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J Androl. 1997 Sep-Oct;18(5):528-34.

The cellular mechanisms of corticotropin-releasing hormone (CRH)-stimulated steroidogenesis in mouse Leydig cells are similar to those for LH.

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Department of Anatomy, Medical College, National Cheng Kung University, Tainan, Taiwan.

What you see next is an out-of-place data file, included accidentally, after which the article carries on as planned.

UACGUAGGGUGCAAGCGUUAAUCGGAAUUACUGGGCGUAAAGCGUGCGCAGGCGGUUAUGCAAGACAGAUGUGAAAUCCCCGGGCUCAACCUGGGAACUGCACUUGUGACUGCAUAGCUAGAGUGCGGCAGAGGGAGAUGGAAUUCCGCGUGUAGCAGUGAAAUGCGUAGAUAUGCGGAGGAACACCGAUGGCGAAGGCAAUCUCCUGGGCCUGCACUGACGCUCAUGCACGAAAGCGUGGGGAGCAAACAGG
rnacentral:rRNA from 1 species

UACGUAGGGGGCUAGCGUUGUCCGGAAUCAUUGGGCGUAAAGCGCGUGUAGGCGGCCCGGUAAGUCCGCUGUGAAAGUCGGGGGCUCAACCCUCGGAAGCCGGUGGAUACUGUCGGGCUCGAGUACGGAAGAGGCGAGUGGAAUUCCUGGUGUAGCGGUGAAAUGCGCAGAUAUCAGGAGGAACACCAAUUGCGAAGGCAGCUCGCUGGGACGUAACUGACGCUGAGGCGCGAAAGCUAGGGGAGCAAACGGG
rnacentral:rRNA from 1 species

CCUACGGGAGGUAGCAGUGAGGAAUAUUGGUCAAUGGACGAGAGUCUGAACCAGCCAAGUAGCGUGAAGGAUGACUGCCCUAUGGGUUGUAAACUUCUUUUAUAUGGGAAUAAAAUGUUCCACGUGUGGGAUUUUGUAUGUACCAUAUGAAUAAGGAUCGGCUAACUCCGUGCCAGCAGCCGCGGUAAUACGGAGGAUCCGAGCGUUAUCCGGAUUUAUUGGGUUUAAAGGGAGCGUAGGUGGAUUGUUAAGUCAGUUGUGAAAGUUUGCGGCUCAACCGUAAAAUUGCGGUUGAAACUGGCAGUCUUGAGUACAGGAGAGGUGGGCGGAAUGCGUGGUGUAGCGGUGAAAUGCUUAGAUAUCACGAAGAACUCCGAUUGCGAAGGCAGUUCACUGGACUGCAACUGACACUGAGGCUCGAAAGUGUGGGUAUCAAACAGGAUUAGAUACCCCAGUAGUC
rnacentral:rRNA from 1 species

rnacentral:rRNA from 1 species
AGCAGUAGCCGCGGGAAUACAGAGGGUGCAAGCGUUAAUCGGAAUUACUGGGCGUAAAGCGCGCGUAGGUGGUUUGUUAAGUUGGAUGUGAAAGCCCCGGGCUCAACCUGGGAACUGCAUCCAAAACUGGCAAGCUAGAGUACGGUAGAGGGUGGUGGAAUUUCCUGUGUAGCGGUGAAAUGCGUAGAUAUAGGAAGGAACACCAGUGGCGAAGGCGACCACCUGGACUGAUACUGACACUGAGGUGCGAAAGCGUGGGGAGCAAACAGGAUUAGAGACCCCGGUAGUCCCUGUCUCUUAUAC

Previous reports have demonstrated that corticotropin-releasing hormone (CRH) treatment of primary cultures of mouse Leydig cells and MA-10 mouse Leydig tumor cells results in a dose-dependent stimulation of steroidogenesis, probably by acting through the cAMP/protein kinase A second messenger pathway. Based on this observation, the mechanism of CRH-stimulated steroidogenesis is now further investigated and compared to trophic hormone stimulation. Both cell types were treated with human chorionic gonadotropin (hCG) or CRH in the absence and presence of the following agents: the translation inhibitor cycloheximide, the transcription inhibitor actinomycin D, the protonophore carbonyl cyanide m-chlorophenylhydrozone (mCCCP), which disrupts the mitochondrial electrochemical gradient or the phorbol ester, phorbol-12-myristate 13-acetate (PMA), a stimulator of protein kinase C. Cortico-releasing hormone-stimulated steroidogenesis was completely blocked by cycloheximide in both cell types, indicating that CRH-stimulated steroidogenesis in mouse Leydig cells requires ongoing protein synthesis. Actinomycin D had profound inhibitory effects on CRH-stimulated steroidogenesis in MA-10 cells, and this inhibition was greater than that seen in mouse primary Leydig cells. mCCCP severely inhibited CRH-stimulated steroid production in both cell types, indicating that an electrochemical gradient across the inner mitochondrial membrane is required for CRH-stimulated steroidogenesis. In addition, PMA inhibited hCG- and CRH-stimulated steroidogenesis in MA-10 cells and CRH-stimulated steroidogenesis in primary Leydig cells, suggesting that activation of the protein kinase C pathway can influence protein kinase A stimulated steroidogenesis. Results of these studies suggest that the mouse Leydig cell steroidogenic response to CRH shares many similarities to that of the LH response.

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